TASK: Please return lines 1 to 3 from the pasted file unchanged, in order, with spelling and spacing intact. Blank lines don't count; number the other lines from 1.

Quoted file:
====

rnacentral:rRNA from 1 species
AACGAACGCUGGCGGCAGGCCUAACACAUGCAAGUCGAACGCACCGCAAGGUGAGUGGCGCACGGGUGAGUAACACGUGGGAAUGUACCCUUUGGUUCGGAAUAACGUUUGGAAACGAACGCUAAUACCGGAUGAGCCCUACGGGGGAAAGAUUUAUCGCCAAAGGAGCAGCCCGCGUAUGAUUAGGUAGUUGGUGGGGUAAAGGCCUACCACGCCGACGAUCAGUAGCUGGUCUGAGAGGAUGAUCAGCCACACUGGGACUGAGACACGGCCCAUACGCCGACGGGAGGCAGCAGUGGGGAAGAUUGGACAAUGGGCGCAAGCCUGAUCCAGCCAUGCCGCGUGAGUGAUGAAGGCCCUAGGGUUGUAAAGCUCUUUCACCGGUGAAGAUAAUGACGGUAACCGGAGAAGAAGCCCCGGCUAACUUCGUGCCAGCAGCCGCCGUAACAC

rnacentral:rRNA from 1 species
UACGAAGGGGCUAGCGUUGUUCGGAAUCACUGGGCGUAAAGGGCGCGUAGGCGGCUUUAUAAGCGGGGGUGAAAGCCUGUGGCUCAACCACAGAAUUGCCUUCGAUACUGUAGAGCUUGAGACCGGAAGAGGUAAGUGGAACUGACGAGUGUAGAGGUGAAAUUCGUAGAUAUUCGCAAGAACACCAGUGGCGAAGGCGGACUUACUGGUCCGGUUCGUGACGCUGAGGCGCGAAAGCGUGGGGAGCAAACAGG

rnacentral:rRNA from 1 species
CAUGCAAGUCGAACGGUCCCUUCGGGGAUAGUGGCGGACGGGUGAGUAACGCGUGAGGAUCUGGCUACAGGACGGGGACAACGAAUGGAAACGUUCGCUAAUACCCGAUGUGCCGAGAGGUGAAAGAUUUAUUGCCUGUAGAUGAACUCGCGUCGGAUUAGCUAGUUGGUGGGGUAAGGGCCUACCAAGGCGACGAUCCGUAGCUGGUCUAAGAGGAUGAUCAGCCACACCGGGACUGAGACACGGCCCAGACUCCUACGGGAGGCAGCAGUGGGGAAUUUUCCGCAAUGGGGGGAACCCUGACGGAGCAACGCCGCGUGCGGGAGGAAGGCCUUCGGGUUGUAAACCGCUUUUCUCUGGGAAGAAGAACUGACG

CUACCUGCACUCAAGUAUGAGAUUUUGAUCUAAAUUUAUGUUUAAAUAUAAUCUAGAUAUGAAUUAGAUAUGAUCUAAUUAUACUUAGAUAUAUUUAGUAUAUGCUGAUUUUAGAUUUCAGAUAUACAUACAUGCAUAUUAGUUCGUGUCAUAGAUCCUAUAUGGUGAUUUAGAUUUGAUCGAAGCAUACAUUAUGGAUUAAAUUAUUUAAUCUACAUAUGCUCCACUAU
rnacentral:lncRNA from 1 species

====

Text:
rnacentral:rRNA from 1 species
AACGAACGCUGGCGGCAGGCCUAACACAUGCAAGUCGAACGCACCGCAAGGUGAGUGGCGCACGGGUGAGUAACACGUGGGAAUGUACCCUUUGGUUCGGAAUAACGUUUGGAAACGAACGCUAAUACCGGAUGAGCCCUACGGGGGAAAGAUUUAUCGCCAAAGGAGCAGCCCGCGUAUGAUUAGGUAGUUGGUGGGGUAAAGGCCUACCACGCCGACGAUCAGUAGCUGGUCUGAGAGGAUGAUCAGCCACACUGGGACUGAGACACGGCCCAUACGCCGACGGGAGGCAGCAGUGGGGAAGAUUGGACAAUGGGCGCAAGCCUGAUCCAGCCAUGCCGCGUGAGUGAUGAAGGCCCUAGGGUUGUAAAGCUCUUUCACCGGUGAAGAUAAUGACGGUAACCGGAGAAGAAGCCCCGGCUAACUUCGUGCCAGCAGCCGCCGUAACAC

rnacentral:rRNA from 1 species